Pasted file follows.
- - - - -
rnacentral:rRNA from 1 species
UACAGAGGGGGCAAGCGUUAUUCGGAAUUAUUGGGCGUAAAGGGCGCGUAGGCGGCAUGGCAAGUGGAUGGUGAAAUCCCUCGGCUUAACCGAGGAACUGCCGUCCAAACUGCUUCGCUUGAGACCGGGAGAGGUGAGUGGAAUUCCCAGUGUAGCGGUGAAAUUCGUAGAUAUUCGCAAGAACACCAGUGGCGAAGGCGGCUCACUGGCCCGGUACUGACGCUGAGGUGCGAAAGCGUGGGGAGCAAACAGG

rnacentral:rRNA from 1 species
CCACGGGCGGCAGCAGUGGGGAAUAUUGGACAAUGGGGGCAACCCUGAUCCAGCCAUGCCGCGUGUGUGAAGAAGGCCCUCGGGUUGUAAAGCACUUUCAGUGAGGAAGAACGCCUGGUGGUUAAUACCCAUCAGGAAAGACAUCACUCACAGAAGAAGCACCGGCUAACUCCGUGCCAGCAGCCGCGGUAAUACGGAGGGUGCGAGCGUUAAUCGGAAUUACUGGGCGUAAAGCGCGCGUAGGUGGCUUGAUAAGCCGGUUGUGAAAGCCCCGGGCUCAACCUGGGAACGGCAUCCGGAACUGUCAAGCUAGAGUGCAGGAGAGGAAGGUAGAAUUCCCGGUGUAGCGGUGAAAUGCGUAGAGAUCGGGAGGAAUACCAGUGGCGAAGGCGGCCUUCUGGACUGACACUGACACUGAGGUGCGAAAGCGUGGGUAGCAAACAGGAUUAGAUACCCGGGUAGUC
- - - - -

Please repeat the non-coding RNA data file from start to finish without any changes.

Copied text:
rnacentral:rRNA from 1 species
UACAGAGGGGGCAAGCGUUAUUCGGAAUUAUUGGGCGUAAAGGGCGCGUAGGCGGCAUGGCAAGUGGAUGGUGAAAUCCCUCGGCUUAACCGAGGAACUGCCGUCCAAACUGCUUCGCUUGAGACCGGGAGAGGUGAGUGGAAUUCCCAGUGUAGCGGUGAAAUUCGUAGAUAUUCGCAAGAACACCAGUGGCGAAGGCGGCUCACUGGCCCGGUACUGACGCUGAGGUGCGAAAGCGUGGGGAGCAAACAGG

rnacentral:rRNA from 1 species
CCACGGGCGGCAGCAGUGGGGAAUAUUGGACAAUGGGGGCAACCCUGAUCCAGCCAUGCCGCGUGUGUGAAGAAGGCCCUCGGGUUGUAAAGCACUUUCAGUGAGGAAGAACGCCUGGUGGUUAAUACCCAUCAGGAAAGACAUCACUCACAGAAGAAGCACCGGCUAACUCCGUGCCAGCAGCCGCGGUAAUACGGAGGGUGCGAGCGUUAAUCGGAAUUACUGGGCGUAAAGCGCGCGUAGGUGGCUUGAUAAGCCGGUUGUGAAAGCCCCGGGCUCAACCUGGGAACGGCAUCCGGAACUGUCAAGCUAGAGUGCAGGAGAGGAAGGUAGAAUUCCCGGUGUAGCGGUGAAAUGCGUAGAGAUCGGGAGGAAUACCAGUGGCGAAGGCGGCCUUCUGGACUGACACUGACACUGAGGUGCGAAAGCGUGGGUAGCAAACAGGAUUAGAUACCCGGGUAGUC